Four hours to the event

I’m so dry I’m a fire hazard. My morning pee was a sandstorm. Camels are collecting in the front yard. The well has run dry. My mouth feels like the Fourth Marine Battalion has been doing maneuvers behind my teeth.

Get the picture yet? Yesterday’s preparation for “The Event” was everything everyone told me it would be – and then some.  Without being crudely graphic just know the worst part of the prep was this gallon jug of stuff that looked like water and tasted like WD-Forty. And I had to drink the whole gallon in three hours. Then the fun began – doing laps in the house the rest of the day until the only thing left was me.

In case you were wondering, The Scribe is Fifty-Six years old. Well past the age recommended for “The Event.” The thing is, a colonoscopy might save your life. If you are over fifty and haven’t had one, consider the following:

  • Each year, more than 50,000 people die from colorectal cancer.
  • Colorectal cancer is the second leading cause of death due to cancer for men and women combined. (Lung cancer is the first.)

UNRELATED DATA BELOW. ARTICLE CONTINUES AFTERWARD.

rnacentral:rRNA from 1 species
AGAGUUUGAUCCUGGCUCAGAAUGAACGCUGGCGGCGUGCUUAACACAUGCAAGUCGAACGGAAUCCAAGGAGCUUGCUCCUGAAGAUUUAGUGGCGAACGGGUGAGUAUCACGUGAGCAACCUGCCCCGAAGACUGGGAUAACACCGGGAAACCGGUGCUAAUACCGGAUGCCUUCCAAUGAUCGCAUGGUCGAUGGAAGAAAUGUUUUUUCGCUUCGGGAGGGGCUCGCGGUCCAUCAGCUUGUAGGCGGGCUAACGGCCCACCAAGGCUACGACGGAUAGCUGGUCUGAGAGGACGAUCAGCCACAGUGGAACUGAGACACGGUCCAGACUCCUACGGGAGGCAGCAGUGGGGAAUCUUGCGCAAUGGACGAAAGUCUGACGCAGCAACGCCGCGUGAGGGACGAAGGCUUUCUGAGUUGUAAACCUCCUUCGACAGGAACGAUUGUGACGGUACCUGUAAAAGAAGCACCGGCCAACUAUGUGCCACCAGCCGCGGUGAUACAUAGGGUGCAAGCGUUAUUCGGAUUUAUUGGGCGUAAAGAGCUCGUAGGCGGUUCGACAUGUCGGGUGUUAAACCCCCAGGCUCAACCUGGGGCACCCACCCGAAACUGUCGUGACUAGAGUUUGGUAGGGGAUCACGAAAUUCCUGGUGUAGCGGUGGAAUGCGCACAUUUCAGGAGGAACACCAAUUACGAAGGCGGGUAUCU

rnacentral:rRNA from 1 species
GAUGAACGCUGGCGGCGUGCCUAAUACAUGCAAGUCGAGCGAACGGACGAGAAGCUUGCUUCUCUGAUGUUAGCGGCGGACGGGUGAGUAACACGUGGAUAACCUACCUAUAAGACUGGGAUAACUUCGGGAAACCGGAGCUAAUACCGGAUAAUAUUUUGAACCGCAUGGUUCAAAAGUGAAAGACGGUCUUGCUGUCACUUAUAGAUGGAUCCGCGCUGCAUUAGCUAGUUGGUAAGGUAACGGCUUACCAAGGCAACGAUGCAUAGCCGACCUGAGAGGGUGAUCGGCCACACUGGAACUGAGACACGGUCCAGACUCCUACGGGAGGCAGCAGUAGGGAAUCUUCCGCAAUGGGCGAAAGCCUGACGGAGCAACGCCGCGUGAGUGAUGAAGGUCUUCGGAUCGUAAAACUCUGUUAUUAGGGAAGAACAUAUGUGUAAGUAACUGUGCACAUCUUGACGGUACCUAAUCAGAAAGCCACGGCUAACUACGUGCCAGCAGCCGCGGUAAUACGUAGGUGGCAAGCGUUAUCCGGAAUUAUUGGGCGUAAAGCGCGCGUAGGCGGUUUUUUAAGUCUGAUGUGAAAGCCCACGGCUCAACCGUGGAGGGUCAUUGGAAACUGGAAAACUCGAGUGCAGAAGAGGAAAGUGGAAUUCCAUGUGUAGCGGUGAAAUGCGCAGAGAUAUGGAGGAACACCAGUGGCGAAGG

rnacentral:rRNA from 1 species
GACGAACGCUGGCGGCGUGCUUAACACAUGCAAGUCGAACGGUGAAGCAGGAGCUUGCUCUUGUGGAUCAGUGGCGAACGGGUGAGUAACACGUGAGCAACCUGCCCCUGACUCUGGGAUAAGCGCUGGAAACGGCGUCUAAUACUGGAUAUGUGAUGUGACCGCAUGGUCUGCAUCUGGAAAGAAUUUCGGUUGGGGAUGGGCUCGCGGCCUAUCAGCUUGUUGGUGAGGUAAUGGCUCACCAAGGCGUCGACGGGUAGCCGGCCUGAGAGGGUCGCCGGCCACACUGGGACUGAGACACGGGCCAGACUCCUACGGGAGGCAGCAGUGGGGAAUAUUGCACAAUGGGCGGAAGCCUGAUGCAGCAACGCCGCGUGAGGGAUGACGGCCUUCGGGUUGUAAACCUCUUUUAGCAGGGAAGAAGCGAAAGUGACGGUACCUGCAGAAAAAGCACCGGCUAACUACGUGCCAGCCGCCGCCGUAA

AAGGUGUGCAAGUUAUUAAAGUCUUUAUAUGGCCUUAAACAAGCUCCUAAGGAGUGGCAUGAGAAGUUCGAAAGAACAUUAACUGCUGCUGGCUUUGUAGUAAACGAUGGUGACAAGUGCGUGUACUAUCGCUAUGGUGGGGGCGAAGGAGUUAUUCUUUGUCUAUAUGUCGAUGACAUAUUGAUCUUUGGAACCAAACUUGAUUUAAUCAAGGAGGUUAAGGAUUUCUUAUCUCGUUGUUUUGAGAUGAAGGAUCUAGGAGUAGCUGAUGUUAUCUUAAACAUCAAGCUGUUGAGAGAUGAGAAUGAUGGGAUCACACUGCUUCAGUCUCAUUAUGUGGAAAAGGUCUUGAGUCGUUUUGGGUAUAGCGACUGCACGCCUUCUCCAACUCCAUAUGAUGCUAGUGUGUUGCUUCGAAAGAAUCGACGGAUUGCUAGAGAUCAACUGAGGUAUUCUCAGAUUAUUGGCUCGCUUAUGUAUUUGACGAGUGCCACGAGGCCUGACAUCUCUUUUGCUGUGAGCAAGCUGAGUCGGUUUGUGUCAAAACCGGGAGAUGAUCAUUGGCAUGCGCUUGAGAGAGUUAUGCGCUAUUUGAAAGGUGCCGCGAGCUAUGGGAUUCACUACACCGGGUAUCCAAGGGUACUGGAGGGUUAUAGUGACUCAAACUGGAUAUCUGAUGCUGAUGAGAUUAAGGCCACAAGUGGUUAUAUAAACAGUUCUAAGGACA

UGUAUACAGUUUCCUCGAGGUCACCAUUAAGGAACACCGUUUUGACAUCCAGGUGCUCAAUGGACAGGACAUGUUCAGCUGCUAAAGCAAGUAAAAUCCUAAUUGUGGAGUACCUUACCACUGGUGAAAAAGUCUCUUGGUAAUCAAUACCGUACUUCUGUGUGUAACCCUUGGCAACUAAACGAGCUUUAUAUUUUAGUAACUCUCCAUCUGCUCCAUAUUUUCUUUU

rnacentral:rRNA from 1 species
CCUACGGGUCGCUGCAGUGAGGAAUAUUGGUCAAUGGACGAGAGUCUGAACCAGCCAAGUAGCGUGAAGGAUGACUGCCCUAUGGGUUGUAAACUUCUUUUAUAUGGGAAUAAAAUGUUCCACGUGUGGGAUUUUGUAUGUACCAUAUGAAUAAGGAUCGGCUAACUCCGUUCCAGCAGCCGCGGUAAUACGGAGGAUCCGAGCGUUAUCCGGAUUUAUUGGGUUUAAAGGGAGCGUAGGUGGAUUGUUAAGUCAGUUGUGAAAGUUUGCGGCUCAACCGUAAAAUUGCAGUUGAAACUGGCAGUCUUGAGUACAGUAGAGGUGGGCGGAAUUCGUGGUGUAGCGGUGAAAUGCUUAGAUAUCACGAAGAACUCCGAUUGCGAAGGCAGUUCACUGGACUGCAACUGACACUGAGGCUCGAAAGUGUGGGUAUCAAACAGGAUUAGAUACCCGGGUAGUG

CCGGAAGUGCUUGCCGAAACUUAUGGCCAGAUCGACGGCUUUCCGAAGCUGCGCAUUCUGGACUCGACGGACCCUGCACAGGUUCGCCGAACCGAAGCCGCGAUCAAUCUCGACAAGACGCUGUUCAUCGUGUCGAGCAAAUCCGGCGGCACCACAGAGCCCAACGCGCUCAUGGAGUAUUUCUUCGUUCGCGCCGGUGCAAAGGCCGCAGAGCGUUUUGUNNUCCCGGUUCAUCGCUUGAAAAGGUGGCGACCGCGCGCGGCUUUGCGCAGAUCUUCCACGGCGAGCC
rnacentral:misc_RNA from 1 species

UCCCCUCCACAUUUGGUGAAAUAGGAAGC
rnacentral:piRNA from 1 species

• Someone dies from colorectal cancer every 9.3 minutes.
  • More lives are lost each year to colorectal cancer than breast cancer and AIDS combined.

A colonoscopy is the first line of defense. Now, I’m not saying I have colorectal cancer. That’s what this test will find out.  I’m just saying that early detection is key to nipping it in the butt. (so to speak)

Well, I’d better get my butt to the VA. More later…

“Could you write me a note for my wife, saying that my head is not, in fact, up there?” ~Anonymous colonoscopy receipient to his doctor after the procedure.

One thought on “Four hours to the event

  1. souldipper

    Completed my Sani-Flush a few weeks ago and thankfully, I am not one of the statistics.

    As I came out from under the anesthetic, I heard myself saying, “When are you starting the procedure?”
    “We’re all done,” said the surgeon cheerfully.
    “Shortest time any man’s ever spent in that vicinity,” I said involuntarily, as though Mae West now inhabited my body.
    Hopefully a budding writer from within the medical profession will publish some of the comments that roll out off the tongues of patients.

    May you be blessed with a clean bill of health.

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